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Old 05-05-2009, 07:08 AM
jamesprx jamesprx is offline
Join Date: May 2009
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Default Chandrayaan-1 inaugurates 3-D imaging of the moon

Washington, Dec 18 (ANI): An instrument aboard Indian Space Research Organizations (ISROs) Chandrayaan-1 spacecraft has inaugurated 3-D imaging of the moon, revealing new information about the lunar surface.

Known as the Moon Mineralogy Mapper, NASAs guest instrument aboard Chandrayaan-1 has taken a new composite image, which provides new information about the Orientale Basin region of the moon.

The Orientale Basin is located on the moons western limb.

The data for this composite were captured by the Moon Mineralogy Mapper during the commissioning phase of Chandrayaan-1 as the spacecraft orbited the moon at an altitude of 100 kilometers (62 miles).

The Moon Mineralogy Mapper is the first instrument to provide highly uniform imaging of the lunar surface.

Along with the length and width dimensions across a typical image, the instrument analyzes a third dimension color.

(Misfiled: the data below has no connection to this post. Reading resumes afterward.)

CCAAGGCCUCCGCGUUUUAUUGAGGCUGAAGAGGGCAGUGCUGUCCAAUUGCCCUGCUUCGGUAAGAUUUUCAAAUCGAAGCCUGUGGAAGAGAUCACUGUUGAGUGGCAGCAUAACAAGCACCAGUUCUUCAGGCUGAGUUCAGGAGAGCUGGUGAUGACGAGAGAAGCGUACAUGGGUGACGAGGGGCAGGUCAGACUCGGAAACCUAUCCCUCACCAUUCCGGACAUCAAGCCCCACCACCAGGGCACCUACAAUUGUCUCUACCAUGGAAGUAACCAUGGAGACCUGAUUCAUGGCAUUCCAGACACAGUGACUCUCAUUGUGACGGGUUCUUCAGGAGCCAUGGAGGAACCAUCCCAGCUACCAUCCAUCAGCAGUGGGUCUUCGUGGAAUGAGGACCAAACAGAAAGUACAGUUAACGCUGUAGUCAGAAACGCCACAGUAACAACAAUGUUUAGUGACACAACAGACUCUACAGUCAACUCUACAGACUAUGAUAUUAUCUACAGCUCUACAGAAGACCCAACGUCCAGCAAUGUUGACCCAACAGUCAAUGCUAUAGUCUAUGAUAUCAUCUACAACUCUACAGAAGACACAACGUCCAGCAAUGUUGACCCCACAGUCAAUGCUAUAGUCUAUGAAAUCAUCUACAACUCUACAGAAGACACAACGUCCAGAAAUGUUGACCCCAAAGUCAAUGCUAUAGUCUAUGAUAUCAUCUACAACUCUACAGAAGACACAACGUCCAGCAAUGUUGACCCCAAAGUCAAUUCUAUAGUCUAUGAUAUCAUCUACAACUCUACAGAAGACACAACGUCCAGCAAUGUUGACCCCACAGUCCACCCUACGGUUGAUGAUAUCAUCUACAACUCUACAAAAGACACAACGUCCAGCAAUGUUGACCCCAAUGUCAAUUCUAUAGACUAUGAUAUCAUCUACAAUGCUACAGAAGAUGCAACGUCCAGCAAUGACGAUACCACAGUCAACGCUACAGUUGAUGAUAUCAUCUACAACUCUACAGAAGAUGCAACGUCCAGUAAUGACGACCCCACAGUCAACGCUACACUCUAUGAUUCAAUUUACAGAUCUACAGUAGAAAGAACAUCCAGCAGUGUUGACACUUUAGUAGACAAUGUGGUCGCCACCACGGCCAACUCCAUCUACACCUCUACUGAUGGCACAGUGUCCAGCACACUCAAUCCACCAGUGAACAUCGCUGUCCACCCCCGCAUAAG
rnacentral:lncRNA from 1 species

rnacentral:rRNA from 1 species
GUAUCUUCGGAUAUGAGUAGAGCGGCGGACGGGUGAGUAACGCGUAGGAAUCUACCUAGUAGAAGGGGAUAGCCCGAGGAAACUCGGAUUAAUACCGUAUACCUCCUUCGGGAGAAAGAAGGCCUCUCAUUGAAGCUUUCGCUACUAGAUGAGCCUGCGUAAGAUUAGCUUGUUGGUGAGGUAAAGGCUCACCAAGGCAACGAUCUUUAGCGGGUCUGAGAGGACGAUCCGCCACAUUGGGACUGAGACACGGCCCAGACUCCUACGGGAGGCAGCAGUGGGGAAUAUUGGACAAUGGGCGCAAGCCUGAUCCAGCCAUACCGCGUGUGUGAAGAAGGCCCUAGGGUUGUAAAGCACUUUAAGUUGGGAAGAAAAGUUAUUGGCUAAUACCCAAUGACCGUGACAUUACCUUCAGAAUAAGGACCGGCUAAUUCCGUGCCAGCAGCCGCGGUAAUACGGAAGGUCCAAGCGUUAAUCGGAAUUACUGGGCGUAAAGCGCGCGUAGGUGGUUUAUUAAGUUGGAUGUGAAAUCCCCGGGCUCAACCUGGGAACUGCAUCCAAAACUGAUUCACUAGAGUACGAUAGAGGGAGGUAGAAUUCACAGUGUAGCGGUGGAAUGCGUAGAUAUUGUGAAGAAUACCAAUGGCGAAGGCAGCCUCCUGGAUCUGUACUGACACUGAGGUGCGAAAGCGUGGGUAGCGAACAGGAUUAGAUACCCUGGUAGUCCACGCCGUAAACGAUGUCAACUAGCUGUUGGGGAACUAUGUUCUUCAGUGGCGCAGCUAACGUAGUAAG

The composite image consists of a subset of Moon Mineralogy Mapper data for the Orientale region.

The image strip on the left is a color composite of data from 28 separate wavelengths of light reflected from the moon.

The blue to red tones reveal changes in rock and mineral composition, and the green color is an indication of the abundance of iron-bearing minerals such as pyroxene.

The image strip on the right is from a single wavelength of light that contains thermal emission, providing a new level of detail on the form and structure of the region’’s surface.

The Moon Mineralogy Mapper provides scientists their first opportunity to examine lunar mineralogy at high spatial and spectral resolution.

The Moon Mineralogy Mapper provides us with compositional information across the moon that we have never had access to before, said Carle Pieters, the instruments principal investigator, from Brown University in Providence, Rhode Island.

Our ability to now identify and map the composition of the surface in geologic context provides a new level of detail needed to explore and understand Earths nearest neighbor, Pieters added. (ANI)